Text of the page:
Election brings power shift
|Posted Nov. 10, 2006|
The anti-Republican – or anti-Bush – sentiment nationwide was not strong enough to penetrate the California Gubernatorial election in which Gov. Arnold Schwarzenegger, as predicted, easily defeated Democratic opponent Phil Angelides on Tuesday.
Schwarzenegger, who was elected three years ago in an unprecedented recall against former Democratic Gov. Gray Davis, won Tuesday’s midterm election with 56 percent of the votes, compared with and Angelides’ 39.2 percent.
“I think it wasn’t that people admired so much his politics as much as he’s the lesser of two evils,” said Irene Beltran, a senior Spanish major.
National results reflected a sour defeat for the Republican Party as Democrats wrestled control of the House of Representatives and the Senate from Republicans, who had dominated both legislative bodies before this election.
Incumbent U.S. Senator Dianne Feinstein won re-election in a landslide victory with almost twice the votes of GOP opponent Richard Mountjoy.
San Francisco Rep. Nancy Pelosi, House minority leader, is in line to be the first woman speaker of the House.
Seven out of the 13 state ballot measures also were approved by voters Tuesday.
Proposition 1C, one of the seven propositions, provides increased housing programs for battered women and homeless families.
Proposition 1D will provide funding to overcrowded schools and upgrades to colleges; and Proposition 83 will place stronger rules on habitual sex offenders.
The remaining 6 measures, however, did not share a rush of support:
Fifty-four percent of voters said “no” to Proposition 85, which requires parental notification and a waiting period of 48 hours for minors choosing to have an abortion.
“It’s a woman’s choice to get an abortion although personally I would never have one,” said voter Laura Cantrell, University of La Verne assistant to the Legal Studies Department.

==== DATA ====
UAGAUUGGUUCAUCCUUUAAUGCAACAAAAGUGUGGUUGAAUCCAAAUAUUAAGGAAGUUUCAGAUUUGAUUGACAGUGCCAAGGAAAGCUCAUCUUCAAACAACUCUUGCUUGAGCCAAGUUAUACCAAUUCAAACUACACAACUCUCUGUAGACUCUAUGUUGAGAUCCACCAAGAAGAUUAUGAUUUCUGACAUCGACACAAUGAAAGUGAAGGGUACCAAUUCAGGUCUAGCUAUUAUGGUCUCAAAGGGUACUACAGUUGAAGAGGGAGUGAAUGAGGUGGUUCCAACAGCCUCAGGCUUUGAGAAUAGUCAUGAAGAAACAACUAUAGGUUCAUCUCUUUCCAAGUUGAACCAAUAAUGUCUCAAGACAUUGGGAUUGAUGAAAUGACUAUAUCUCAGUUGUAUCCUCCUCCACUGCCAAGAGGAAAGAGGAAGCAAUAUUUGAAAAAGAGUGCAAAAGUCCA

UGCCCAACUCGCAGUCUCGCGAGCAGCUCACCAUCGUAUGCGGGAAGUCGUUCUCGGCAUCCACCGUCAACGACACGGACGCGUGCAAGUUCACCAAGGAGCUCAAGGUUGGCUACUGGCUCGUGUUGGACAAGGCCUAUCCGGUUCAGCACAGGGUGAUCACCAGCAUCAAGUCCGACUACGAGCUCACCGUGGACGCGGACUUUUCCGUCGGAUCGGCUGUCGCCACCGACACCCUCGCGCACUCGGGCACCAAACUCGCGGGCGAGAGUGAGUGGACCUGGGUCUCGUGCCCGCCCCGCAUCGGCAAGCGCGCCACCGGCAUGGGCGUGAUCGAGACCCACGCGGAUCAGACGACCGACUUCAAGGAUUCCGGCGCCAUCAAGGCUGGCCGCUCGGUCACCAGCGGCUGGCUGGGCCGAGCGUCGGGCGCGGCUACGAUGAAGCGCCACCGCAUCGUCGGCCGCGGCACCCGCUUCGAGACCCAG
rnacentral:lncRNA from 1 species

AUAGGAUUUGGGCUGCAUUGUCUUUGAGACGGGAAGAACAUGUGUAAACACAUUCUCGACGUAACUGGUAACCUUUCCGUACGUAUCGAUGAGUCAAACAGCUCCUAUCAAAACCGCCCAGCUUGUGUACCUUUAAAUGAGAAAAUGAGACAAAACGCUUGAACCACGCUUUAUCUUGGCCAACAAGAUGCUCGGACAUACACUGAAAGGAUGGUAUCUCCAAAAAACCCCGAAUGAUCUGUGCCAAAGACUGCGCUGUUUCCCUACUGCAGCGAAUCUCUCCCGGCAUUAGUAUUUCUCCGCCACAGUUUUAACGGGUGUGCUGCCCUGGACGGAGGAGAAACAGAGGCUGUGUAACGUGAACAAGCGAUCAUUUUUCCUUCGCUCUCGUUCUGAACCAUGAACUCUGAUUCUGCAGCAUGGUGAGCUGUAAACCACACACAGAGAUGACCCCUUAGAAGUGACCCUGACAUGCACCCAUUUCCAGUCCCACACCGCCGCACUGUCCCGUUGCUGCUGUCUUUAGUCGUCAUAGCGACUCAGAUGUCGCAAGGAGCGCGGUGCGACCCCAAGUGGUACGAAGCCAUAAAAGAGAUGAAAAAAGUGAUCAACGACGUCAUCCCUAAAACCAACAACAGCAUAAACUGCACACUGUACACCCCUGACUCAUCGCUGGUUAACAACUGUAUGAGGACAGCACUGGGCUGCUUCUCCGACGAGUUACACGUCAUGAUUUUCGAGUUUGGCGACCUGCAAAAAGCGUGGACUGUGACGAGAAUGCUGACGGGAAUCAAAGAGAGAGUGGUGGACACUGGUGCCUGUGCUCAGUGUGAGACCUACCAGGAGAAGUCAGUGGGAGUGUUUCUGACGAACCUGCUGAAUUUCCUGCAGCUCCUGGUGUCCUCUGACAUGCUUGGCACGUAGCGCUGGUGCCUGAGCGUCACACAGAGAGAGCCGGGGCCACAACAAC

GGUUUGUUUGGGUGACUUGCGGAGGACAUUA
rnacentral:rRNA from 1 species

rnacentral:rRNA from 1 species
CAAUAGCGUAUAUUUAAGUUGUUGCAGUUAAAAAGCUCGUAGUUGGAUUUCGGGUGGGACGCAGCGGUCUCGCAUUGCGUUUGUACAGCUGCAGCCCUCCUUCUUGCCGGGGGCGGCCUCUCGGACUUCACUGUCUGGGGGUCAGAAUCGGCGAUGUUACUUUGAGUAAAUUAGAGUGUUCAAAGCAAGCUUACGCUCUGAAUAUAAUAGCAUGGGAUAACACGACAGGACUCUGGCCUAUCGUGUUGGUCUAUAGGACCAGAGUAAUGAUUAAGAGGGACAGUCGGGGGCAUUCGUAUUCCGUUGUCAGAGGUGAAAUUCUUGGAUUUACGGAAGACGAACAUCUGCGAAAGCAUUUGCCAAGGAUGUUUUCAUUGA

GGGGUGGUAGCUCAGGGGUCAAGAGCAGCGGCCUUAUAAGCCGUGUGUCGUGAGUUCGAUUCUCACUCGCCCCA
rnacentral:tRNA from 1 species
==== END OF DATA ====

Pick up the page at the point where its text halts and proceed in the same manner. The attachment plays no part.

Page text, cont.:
Proposition 87 also did not inch close enough to win public approval.
54.8 percent of voters chose not to have a tax on oil extracted from California that aimed to promote alternative energy in the state.
“It makes me angry to see that the majority of California citizens don’t believe that alternative energy sources is a high importance,” said voter Brandon Martinez a senior political science major. “In the long run we’ll have more problems.”
It would keep money in his pocket, said voter Tony Fraire, 71, Glendora resident.
Across the nation in the midterm elections, the Democrats won 229 seats in the 435-member chamber and 51 seats in the Senate.
Both gave them a majority in the two houses of Congress to end the roughly dozen years of Republican majority.
Despite the Bush administration weaning popularity, based on public frustration about the war in Iraq, among other things, some voters still do not see the justification in the shift of power in House and Senate to Democrats.
“They’re too liberal for me and they have no morals as far as anything goes and it’s very bad for our children,” said Republican voter Ruth Murrieta, 70, La Verne resident.
Thirty-five other states also held gubernatorial races where the Democratic Party also swept a victory in 20 states.
For the Bush administration, the Democratic Party’s win at the state and national levels means that the Republican Party no longer holds congressional control in the Legislature.
Len Ly can be reached at firstname.lastname@example.org.